I wouldn't ever try to do some sort of Sky Sports preview where I bluffed my way through knowing about other teams. I'm not arsed about anyone else other than us but Everton are a bit different than most to me so here's my take on them. (literally what I said I wouldn't do. I know. Sue me) 

They seem to have undergone an identity crisis for about 5 or 6 years. I don't know if that's the right word. Possibly they've attempted to undergo an identity crisis but failed. Like having a makeover but someone just dresses you up in your own clothes. 

For years they were 'backs against the wall, tooth and nail plucky fighters, paying for players with bags of Everton mints and some money off vouchers for Bill Kenwright's West End shows.

We knew where we were with them. Under Moyes they fought without footballing as much as they wanted, under Martinez they footballed without fighting as much as they wanted. Stuff seemed broadly equal to me. Different routes to the same end.

Then they got one of those interchangeable foreign billionaire owners who I can't be arsed remembering cos they're boring as fuck and bought loads of players and we thought they were going to be bang on it now. Like Wolves or whoever is the latest club people  who get paid money to talk shit about football say 'You've got to admire what they've done there...' but it didn't make any difference.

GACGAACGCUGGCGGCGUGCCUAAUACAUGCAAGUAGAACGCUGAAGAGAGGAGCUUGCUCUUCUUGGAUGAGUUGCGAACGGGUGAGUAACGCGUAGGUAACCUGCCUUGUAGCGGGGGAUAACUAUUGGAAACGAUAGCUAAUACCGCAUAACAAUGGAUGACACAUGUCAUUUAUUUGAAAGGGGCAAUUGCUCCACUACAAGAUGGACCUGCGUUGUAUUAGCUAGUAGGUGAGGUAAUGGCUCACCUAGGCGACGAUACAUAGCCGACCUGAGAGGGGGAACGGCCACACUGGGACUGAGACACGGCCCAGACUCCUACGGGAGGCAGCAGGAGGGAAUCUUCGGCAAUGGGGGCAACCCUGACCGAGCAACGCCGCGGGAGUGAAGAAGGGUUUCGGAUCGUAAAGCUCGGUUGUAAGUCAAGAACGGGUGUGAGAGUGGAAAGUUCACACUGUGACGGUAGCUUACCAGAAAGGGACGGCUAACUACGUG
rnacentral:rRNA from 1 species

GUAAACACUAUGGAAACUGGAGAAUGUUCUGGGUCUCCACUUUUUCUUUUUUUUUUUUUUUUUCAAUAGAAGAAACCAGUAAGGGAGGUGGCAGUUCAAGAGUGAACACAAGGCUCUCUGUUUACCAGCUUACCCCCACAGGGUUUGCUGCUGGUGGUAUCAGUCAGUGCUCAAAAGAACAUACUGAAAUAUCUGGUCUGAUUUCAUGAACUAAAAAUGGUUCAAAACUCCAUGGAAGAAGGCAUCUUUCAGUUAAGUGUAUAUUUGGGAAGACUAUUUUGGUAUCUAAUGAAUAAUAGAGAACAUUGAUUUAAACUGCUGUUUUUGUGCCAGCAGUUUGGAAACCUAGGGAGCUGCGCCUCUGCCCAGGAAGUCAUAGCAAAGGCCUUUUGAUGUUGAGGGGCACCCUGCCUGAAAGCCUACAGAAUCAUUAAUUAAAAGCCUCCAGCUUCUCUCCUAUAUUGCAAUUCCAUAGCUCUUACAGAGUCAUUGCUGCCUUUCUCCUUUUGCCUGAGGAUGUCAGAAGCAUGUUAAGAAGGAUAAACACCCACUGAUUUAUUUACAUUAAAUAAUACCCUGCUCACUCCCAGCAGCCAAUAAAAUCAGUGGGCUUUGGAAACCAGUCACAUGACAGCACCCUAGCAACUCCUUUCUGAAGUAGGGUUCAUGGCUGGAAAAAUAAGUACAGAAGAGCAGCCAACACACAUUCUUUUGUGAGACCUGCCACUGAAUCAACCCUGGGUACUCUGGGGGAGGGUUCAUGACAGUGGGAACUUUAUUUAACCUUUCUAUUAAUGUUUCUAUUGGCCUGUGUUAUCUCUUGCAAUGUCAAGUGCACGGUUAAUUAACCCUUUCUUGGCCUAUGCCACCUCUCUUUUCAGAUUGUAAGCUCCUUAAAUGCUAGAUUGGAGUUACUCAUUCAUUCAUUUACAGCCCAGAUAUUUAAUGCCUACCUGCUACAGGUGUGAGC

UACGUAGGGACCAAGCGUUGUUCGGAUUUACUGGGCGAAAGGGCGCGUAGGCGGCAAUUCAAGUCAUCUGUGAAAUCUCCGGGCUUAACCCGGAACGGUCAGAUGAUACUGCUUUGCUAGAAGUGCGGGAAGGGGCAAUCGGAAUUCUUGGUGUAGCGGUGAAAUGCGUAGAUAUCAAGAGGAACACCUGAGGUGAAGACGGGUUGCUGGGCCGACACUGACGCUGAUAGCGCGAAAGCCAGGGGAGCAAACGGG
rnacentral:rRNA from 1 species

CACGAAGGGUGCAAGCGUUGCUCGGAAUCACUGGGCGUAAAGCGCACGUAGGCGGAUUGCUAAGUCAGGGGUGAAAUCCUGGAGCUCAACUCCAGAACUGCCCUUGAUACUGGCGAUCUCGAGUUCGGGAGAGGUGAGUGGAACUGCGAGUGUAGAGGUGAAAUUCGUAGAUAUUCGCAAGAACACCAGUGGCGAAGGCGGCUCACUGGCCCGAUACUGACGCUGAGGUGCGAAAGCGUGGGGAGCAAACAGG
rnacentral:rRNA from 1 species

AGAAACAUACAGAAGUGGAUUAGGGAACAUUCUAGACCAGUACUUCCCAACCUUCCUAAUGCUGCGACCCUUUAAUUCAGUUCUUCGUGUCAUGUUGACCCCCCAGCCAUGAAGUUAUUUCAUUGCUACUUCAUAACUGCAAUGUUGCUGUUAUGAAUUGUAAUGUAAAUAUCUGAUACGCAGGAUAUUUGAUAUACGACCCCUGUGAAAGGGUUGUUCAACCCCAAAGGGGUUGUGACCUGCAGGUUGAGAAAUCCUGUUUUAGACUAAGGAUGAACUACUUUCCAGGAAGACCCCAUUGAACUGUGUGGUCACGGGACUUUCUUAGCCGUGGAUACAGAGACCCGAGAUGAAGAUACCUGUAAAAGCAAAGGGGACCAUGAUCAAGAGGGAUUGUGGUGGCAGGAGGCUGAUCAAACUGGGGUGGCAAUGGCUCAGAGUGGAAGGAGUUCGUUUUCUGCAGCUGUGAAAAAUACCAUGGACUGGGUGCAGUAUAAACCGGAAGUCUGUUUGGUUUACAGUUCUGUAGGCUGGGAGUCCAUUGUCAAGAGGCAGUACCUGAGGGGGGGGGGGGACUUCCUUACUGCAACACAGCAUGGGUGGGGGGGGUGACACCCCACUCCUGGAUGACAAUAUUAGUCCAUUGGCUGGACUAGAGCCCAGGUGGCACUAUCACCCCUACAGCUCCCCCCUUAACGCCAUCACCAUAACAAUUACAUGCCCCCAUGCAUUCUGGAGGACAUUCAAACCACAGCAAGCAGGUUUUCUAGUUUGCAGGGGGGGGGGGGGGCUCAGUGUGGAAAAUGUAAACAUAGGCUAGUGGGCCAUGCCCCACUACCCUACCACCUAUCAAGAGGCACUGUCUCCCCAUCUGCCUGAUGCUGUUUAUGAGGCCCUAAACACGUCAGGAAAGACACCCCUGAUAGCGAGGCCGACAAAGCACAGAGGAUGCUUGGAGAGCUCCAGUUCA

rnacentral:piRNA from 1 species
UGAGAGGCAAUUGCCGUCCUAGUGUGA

So then they brought in Big Fat Sam which was a good laugh for everyone except them and didn't make any obvious difference and now they have Carlo Ancelotti, who seems like a lovely fella but doesn't seem to have made all that much difference all in all. 

I'm sure they feel the difference, I'm sure they'll point out the heroes and villains and the ups and downs but from the outside, it feels a bit like, no matter what they do, the line stays pretty straight. We've been up to the top and back to the bottom of the whole structure, whilst they've moved up and down a mini league of about 5 places. 

The one game where I've noticed them in recent times was when they beat Chelsea with Duncan Ferguson and played 1990s football but really really well and Chelsea were confused and frightened and Goodison was primal.